What is the best predictor of success is life? Is it intelligence? Is it good looks? It appears (as common sense would point to anyway) that self discipline, self sacrifice and hardwork are the number one predictor of success.
The question is, how do we use this knowledge to improve our failing schools and help the poorest in our communities?
Washington Post Columnist Jay Mathews in his article America’s Best Schools tackles that very question.
The Knowledge Is Power Program, called KIPP (rhymes with hip), appears to be the most interesting and successful attempt so far to raise the achievement of low-income, minority children. Since finding ways to help poor students learn has been the central theme of my reporting for the past two decades, I have been giving KIPP a great deal of attention.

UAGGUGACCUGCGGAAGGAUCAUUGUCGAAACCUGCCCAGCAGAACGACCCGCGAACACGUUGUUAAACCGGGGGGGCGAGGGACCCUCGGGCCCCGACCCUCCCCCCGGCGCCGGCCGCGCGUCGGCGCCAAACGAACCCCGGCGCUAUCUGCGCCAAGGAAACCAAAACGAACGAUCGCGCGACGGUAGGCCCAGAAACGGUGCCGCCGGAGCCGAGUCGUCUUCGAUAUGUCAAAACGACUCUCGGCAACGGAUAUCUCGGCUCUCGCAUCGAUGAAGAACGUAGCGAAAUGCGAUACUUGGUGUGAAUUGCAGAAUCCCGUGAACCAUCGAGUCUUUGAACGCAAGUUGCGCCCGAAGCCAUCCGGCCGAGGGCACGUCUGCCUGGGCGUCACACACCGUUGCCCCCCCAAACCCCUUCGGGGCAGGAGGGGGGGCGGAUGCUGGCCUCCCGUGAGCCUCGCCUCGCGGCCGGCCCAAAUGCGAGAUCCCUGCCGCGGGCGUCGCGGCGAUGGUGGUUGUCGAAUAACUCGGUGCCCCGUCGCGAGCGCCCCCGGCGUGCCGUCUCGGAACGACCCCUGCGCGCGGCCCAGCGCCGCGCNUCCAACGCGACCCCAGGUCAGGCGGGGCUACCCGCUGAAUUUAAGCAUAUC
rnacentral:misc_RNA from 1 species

One of the Five Pillars they conceived as the heart of their system was focusing on results. They have been publishing annual report cards on their schools since KIPP began to expand in 2001 with the financial backing of Gap stores founders Doris and Don Fisher.
Check out the entire article. You may need to sign up (for free) for the washington post online to be able to read it.